Waste water gets colourful2 March 2017
Prince sang about Purple Rain, but when it comes to plumbing, purple is more commonly associated with waste waster. And that’s one of the reasons why Masterton District Council is now having its baleage wrapped in purple plastic.
The bales have been created from crops irrigated with Masterton’s treated waste water and they have been wrapped in purple to distinguish them from other baleage. The reason behind the new colour scheme is important because Fonterra does not take milk from farms whose lactating cows have been fed from crops irrigated with human waste water. The mauve wrap will mean it will be clear that these bales are not for a milking dairy.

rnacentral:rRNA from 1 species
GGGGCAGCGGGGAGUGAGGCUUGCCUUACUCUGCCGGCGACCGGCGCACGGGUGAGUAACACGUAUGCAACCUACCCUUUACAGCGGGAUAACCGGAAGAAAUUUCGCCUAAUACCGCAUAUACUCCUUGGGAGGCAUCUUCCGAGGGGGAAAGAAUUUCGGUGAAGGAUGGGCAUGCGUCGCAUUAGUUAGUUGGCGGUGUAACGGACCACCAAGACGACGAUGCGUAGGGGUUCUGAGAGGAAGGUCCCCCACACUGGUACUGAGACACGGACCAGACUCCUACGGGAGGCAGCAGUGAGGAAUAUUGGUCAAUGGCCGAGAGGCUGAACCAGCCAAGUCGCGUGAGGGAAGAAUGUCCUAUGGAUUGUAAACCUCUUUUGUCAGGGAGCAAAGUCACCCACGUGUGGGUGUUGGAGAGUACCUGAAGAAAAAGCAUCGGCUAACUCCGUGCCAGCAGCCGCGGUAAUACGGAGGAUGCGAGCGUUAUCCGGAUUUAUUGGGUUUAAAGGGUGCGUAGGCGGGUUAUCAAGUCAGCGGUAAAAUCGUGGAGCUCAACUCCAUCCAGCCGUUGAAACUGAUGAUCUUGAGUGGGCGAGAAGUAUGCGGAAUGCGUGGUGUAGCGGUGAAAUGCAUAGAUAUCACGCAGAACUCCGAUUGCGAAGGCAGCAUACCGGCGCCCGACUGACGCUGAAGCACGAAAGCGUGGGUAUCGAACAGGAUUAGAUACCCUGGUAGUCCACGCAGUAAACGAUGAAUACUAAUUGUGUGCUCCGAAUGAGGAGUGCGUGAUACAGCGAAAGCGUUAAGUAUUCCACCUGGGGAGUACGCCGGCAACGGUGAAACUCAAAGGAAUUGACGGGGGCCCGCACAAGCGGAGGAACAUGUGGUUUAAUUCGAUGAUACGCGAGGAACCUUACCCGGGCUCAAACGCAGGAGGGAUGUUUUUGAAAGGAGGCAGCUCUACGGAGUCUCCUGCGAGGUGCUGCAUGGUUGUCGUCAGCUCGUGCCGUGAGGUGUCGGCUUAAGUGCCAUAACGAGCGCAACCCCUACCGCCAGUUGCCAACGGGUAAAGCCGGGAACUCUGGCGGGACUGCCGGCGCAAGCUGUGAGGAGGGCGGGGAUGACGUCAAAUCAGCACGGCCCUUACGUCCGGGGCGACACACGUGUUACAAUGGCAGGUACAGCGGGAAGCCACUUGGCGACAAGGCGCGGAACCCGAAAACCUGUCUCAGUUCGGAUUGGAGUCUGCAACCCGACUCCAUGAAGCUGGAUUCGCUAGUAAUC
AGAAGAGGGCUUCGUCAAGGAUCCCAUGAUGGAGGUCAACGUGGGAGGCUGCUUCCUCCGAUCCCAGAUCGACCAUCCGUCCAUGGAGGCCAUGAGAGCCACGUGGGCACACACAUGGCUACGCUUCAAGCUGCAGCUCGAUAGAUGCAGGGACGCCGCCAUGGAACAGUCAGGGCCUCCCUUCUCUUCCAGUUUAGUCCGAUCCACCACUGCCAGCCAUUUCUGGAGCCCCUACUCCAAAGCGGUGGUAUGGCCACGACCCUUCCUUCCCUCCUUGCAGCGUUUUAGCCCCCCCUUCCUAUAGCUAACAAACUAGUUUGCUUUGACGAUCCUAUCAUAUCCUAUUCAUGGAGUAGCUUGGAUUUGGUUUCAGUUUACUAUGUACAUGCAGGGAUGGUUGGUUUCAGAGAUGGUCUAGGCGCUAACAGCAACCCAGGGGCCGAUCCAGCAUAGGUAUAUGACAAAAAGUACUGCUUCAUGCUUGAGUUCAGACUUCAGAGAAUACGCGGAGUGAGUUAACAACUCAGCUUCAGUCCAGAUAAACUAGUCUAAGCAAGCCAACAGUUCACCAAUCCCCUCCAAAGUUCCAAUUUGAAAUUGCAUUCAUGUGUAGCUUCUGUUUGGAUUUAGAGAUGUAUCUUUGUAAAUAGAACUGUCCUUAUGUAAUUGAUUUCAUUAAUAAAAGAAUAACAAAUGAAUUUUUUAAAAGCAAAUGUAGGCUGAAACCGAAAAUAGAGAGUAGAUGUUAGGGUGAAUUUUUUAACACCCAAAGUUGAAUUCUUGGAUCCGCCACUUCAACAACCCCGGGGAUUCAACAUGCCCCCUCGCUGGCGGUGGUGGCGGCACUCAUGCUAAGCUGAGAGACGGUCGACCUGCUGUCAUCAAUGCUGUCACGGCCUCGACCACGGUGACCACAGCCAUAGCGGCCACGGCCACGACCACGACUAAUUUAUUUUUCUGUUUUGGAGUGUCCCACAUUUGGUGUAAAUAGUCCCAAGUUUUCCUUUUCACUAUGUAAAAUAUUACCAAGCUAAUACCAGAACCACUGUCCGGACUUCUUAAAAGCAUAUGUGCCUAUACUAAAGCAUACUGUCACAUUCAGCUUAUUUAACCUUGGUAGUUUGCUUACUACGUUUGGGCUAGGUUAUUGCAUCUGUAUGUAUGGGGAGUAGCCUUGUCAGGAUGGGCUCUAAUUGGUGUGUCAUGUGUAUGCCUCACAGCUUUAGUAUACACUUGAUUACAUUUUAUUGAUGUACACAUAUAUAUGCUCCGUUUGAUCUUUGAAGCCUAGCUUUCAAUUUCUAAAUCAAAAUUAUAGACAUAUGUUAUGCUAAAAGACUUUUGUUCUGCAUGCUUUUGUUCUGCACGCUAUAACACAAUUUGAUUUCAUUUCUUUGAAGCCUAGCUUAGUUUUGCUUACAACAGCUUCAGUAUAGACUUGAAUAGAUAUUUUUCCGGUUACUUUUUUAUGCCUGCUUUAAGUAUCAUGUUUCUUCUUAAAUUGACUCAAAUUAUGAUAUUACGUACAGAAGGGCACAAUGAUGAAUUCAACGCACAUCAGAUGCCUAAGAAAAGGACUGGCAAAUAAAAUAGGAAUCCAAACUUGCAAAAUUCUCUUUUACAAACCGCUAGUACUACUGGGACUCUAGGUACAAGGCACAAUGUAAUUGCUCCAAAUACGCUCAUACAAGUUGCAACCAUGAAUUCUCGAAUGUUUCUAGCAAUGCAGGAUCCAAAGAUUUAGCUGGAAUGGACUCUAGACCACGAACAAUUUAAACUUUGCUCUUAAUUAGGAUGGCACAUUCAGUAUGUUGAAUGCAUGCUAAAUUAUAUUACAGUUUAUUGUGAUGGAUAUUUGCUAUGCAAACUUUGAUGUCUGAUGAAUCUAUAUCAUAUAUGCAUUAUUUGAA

A Fonterra spokesman endorsed the concept by the Masterton council.
“What they’re doing is good and lines up with our requirements to clearly identify and trace feed not suitable for feeding to lactating animals.” The success of this initiative has seen a proposal for it to be rolled out New Zealand wide, and has been supported unanimously by around 50 municipal councils.
In three years of tracing quality of baleage produced on the farm, the nutrient content and palatability has improved to sit within the ideal range across all parameters. This demonstrates the high potential of feed to prospective buyers.
The colour coding system will be implemented across further councils to demonstrate its success. Kevin Godfrey, council water and waste manager, hopes that this evidence will enable it to become a New Zealand wide standard.